Last spring, toward the end of the 2012-2013 legislative session, several New Jersey legislators (both Democrat and Republican) introduced an arsenal of bills focused on improving safety for pedestrians, cyclists and other vulnerable users of New Jersey’s roads.
Unfortunately, the bills saw little to no movement during that session, but the good news is that the bills have been reintroduced for the 2014-2015 legislative session, which began on January 14 (2012-2013 reference numbers are bracketed).
- S231/A958 [S2774/A4063](Allen/Singleton, Conaway, Spencer) a vulnerable user bill which increases penalties for motor vehicle violations resulting in serious bodily injury or death to pedestrians, cyclists, or highway repair crew members
- A1591 [A3762] (Spencer, Wagner, Eustace) which would increase penalties for careless driving when a violation results in injury or death to a pedestrian
- S230/A959 [S2773 /A4064] (Allen/Singleton, Conaway) which requires a percentage of motor vehicle fines be used to support Safe Routes to School initiatives
- S229/A960 [S2772/A4065] (Allen/Singleton, Conaway) which increases fines for the violation of certain laws concerning pedestrian safety and traffic control and dedicates funds to certain roadways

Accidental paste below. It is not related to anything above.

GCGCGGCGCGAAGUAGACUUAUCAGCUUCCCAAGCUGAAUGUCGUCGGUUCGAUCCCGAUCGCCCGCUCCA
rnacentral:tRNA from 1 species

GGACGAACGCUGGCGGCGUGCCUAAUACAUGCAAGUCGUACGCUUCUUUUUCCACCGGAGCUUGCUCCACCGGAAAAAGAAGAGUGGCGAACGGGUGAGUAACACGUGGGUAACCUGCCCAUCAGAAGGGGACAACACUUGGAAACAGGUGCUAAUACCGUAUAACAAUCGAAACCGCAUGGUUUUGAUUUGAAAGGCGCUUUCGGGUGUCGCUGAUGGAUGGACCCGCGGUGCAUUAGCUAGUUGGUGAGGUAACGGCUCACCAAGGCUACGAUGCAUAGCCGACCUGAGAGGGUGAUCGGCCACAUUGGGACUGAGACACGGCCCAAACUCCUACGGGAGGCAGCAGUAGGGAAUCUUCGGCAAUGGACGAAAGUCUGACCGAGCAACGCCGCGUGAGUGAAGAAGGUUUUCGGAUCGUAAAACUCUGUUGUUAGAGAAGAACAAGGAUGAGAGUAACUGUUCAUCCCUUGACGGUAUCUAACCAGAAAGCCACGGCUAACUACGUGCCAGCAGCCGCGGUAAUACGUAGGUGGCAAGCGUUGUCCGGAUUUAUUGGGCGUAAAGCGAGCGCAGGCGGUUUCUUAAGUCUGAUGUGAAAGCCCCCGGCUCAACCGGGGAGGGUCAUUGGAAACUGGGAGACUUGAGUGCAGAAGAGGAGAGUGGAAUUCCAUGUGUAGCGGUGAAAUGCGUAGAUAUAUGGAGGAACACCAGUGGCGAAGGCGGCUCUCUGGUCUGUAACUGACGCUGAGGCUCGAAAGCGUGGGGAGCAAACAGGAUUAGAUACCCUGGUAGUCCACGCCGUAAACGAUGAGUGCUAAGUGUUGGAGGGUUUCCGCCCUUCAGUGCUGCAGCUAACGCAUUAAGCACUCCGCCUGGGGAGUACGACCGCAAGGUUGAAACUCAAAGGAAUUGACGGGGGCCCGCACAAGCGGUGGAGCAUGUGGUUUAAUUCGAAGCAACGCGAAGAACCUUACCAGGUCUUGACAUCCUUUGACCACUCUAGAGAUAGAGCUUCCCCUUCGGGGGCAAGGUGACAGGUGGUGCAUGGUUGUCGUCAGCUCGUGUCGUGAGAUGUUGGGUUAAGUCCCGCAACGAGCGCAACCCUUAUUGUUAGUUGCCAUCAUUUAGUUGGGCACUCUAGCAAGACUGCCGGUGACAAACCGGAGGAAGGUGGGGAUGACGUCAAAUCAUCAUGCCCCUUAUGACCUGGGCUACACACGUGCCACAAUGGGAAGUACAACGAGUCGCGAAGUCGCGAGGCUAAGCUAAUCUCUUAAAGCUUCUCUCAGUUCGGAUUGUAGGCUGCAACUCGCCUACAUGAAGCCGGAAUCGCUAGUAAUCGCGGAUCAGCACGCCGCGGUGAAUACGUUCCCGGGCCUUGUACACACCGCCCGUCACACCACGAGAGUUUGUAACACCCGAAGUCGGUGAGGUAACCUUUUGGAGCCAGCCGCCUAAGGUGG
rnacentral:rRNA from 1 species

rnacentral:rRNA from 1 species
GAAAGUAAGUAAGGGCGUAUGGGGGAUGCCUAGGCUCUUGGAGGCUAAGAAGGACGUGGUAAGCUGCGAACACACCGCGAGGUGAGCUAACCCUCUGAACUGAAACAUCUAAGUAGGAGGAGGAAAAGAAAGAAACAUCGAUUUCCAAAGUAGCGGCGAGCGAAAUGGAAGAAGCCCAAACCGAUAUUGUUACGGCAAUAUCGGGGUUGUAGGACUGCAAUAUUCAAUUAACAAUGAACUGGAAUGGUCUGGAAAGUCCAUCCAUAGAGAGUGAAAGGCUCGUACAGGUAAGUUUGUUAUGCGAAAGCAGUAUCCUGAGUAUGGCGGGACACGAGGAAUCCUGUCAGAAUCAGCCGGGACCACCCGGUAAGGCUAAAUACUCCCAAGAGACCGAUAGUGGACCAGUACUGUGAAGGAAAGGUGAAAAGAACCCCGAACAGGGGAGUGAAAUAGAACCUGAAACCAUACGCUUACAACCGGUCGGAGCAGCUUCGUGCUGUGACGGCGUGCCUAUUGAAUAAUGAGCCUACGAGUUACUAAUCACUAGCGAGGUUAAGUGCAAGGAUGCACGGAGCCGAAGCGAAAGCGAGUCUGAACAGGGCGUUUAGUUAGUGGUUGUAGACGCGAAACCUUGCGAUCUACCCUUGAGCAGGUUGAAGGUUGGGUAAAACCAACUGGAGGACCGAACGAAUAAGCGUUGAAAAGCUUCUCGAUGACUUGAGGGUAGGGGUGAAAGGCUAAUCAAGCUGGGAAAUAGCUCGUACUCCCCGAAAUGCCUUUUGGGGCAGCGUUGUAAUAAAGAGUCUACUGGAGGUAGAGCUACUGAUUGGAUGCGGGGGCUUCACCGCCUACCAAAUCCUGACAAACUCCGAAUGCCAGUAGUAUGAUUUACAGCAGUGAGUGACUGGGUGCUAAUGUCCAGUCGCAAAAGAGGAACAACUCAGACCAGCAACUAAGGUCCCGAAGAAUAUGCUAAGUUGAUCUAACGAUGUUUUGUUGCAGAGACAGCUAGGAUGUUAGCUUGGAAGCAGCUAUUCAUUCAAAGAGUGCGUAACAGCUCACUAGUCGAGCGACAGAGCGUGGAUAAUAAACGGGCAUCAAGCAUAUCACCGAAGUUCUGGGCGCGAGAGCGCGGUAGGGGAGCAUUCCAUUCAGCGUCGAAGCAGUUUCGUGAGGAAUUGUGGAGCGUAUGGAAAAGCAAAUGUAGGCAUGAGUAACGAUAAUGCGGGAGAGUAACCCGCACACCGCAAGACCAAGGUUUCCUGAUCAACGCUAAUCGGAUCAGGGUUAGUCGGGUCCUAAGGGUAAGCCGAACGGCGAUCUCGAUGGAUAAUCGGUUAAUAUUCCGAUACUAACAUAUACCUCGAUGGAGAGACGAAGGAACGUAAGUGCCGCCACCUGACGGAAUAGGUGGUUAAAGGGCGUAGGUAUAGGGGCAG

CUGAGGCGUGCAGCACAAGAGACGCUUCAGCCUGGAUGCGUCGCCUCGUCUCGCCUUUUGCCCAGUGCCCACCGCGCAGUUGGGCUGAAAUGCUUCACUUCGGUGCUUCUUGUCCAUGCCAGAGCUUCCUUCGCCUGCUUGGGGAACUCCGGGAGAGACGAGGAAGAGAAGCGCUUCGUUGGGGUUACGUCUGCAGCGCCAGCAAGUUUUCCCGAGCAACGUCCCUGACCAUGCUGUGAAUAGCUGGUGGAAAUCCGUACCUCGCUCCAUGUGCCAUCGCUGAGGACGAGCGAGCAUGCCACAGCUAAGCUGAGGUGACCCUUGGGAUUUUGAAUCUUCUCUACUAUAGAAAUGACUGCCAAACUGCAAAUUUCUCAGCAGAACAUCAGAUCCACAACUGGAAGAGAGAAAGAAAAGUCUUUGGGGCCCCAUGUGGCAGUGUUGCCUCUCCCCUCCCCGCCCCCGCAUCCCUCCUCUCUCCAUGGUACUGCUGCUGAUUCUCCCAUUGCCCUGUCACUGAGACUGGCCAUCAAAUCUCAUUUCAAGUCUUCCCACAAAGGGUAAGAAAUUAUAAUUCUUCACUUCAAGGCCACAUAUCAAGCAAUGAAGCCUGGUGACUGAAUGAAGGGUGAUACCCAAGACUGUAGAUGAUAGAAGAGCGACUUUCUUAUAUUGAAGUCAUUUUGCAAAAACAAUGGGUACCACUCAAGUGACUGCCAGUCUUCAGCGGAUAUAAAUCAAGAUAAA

- A1600 [A4059] (Spencer) which requires drivers to move over or slow down when approaching a bicyclist or pedestrian
A portion of the fines collected in S230/A959 and S229/A960 would be dedicated to enforcement and education initiatives on “high priority roadways” where more than four pedestrian fatalities have occurred in the previous calendar year, or more than eight pedestrian fatalities in the prior three calendar years. According to Tri-State’s most recent Most Dangerous Roads report, those roads could include Route 1, Route 9, Route 30 (White Horse Pike), Route 35, Route 130 and Route 322/40 (Black Horse Pike).
Part of the reason these bills failed to pass during the 2012-2013 session is because time was limited. Now, even though lawmakers have the benefit of nearly a full legislative session to push these bills forward, no time should be wasted. Fewer than 7 percent of bills made it to the Governor’s desk last session, and even fewer were actually signed.
The bills are currently being considered in the Assembly’s Law and Public Safety (A1591, A960), Education (A959) and Transportation and Public Works (A958, A1600) committees. The Senate Transportation Committee will consider S231, S230 and S229.